From the wine importer’s crisply written and life-philosophy-framing book Reading Between the Wines, a favorite of mine from last year:
Such wines are not easy to find. We drink them just a few times in our lives. But we never forget them, or the places they lead us to. A few weeks before writing this, I dined with my wife in the Austrian Alps, in a restaurant whose chef worked with wild local herbs. We drank two stunningly brilliant dry Rieslings that buzzed and crackled like neon, and then we drank a ‘93 Barolo from Bruno Giacosa, a so-so vintage but fully mature. To go from giddy, giggling clarity of those Rieslings into the warm murmuring depths of that Barolo was moving in a way I grope to describe. It was as if the Riesling prepared us somehow, it reassured us that everything was visible, and then that smoky twilight red wine … like the moment it gets too dark to read, and you get up to turn on the light and see a tiny scythe of moon low on the horizon and you open the window and smell the burning leaves, night is coming on, and there will be dinner and the sweet smells of cooking, and then at last the utter dark, and the heart beating darkly beside you.
I did something I seldom do — got just a bit plastered that evening, for which I blame the altitude, though I knew better. But I wasn’t letting a drop of that Barolo go to waste. It stirred the deepest tenderness because it possessed the deepest tenderness. Tenderness is different from affection. Tenderness has a penumbra of sadness, or so I have always felt. Tenderness says there is an irreducible difference separating us, although we might wish to dissolve it. But we can’t quite, however close together we draw; it is there as a condition of being. And then we see the sadness that surrounds us, wanting to merge into one another and finding it impossible; and then comes a compassion, it is this way for all of us sad hopeful beings; and then the membrane melts away, even without touching it melts away.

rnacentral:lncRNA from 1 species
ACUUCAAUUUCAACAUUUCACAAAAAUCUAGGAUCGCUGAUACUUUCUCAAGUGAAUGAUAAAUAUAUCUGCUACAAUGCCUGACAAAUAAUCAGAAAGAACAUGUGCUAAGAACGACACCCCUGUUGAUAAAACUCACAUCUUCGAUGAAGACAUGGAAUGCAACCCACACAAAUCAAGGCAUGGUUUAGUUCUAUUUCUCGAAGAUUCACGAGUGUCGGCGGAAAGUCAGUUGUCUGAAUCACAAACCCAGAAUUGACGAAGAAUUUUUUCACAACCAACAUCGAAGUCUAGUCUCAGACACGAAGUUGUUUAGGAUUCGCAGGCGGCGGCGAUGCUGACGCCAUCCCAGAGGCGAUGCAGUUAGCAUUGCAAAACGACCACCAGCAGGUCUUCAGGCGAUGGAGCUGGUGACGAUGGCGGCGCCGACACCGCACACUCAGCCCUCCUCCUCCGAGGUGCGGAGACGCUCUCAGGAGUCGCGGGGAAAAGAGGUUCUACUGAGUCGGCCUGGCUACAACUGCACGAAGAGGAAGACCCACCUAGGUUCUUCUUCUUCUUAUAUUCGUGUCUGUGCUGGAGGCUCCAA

I don’t know how it is for other people, but I myself know a wine is great when it makes me sad. Not a bitter, grieving sadness, but the thing the Germans call Weltschmerz, “the pain of the world,” a fine kind of melancholy.
I came to reading Theise only last year, but, interestingly, my life overlapped with his wife’s years ago. Odessa Piper founded and ran Madison, Wisconsin’s L’Etoile, a Midwest farm-to-table all-star years before that became an established phrase. Tamara and I had a special-occasion meal there during our time in Madison (2005-06), living together for the first time just before we got married and really settled into life together. While we were able to venture upstairs for a proper dinner only once, most weekends we would nibble fantastic croissants and sip terrific coffee in the building’s first-floor café, a stop during our morning walk around the Capitol. A fine kind of melancholy, indeed.